Tuesday, September 29, 2009

Zurch 1953: Paul Keres the Attacker

Paul Keres was born in Estonia on January 7, 1916 making him 37 at the time of the candidates match in Zurich. He grew up in Narva, Estonia, a town that had a scarcity of chess literature. He learned the game from his father and older brother and learned notation from the chess puzzles in the daily newspaper. He took it upon himself to compile a handwritten collection of about 1000 games. This probably helped him become three time Estonian school boy champion in the early part of the 1930’s. He learned about correspondence chess while attending high school. He attended the University of Tartu in 1937-1941 studying Mathematics and represented the school in several interuniversity matches.

In 1935 he was the Estonian champion and played on the top board for Estonia that same year at the Chess Olympiad. His sharp attacking style gave him some recognition which led him to pursue international events. In the mid to late 1930’s, he had several strong finishes in matches throughout Europe. In 1938, he tied with Reubin Fine for first in the AVRO tournament. He beat Fine in a tie breaker and expected to contest Alekhine for World Championship but World War II broke out and with the occupation of Estonia the match was denied. During the War, Estonia went from being annexed by the Soviet Union to being under Nazi control after the invasion in 1941. During the War, he was able to play in several Navi-sponsored events including Alekhine, but never got to contend the World Championship title and always seemed to finish just behind Alekhine. He played in other smaller events in the early 1940’s with strong results.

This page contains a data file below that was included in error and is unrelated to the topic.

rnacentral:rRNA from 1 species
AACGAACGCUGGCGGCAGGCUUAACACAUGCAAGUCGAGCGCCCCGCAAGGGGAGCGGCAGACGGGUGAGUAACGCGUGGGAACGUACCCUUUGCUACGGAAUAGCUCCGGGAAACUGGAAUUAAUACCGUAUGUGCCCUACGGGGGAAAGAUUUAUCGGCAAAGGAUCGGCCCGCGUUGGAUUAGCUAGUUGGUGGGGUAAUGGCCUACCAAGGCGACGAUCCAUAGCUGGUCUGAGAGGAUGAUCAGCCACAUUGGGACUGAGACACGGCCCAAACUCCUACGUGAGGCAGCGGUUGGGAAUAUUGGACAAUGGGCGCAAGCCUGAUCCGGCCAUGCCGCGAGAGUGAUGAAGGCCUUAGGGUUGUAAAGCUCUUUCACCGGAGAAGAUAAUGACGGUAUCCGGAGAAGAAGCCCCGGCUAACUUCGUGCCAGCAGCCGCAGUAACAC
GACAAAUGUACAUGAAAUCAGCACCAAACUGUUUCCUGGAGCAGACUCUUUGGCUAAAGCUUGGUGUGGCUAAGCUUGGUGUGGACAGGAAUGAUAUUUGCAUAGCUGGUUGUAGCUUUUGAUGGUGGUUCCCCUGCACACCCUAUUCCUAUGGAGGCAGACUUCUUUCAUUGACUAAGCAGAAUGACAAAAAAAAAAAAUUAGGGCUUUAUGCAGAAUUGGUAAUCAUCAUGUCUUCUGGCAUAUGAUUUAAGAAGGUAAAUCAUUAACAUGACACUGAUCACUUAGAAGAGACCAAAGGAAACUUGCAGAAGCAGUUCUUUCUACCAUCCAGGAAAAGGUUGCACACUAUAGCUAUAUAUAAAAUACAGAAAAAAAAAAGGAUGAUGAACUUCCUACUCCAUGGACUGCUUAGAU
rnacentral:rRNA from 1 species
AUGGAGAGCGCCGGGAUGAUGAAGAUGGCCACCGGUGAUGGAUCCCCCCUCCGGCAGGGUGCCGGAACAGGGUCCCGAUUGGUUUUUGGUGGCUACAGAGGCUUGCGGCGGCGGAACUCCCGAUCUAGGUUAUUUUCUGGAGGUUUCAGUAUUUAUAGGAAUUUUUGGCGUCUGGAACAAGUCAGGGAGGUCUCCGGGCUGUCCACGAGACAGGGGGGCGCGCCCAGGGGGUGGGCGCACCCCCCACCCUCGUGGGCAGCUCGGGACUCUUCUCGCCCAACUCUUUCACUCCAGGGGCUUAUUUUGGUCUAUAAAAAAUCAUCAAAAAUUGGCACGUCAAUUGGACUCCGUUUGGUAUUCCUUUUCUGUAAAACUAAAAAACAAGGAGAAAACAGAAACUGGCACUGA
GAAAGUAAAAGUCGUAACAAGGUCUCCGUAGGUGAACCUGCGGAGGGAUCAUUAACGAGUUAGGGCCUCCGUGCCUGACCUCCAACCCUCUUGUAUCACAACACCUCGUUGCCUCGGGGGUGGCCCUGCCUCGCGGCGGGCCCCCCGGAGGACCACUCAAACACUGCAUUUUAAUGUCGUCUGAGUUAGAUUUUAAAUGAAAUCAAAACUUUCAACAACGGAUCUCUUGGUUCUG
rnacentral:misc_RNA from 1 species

When the Soviets recaptured Estonia in 1944, Keres was unsuccessful in his attempt to flee and had to face harassment and threats by Soviet authorities. Keres managed to avoid deportation at the cost of being delayed coming back to international play. For Political reasons, he was excluded from the 10-player roster for the Soviet team for the 1945 Radio match against the USA and again in Groningen 1946. He played a few successful matches locally in Estonia. It wasn’t until 1946 where he returned to international play in the Soviet Radio Match against Great Britain.

Odd how Keres became a seed for the Zurich match as a result of the 1948 World Championship match in 1948, arranged to determine the world champion following Alekhine’s death in 1946. At the 1948 event, his performance was far from his best. Held jointly in The Hague and Moscow, the tournament was limited to five participants: Mikhail Botvinnik, Vasily Smyslov, Keres, Samuel Reshevsky, and Max Euwe. (Reuben Fine had also been invited but declined.) A player met each of his opponents five times. Keres finished joint third, with 10.5 out of 20 points. In his individual match with the winner Botvinnik he lost four out of five games, winning only in the last round when the tournament's result was already determined.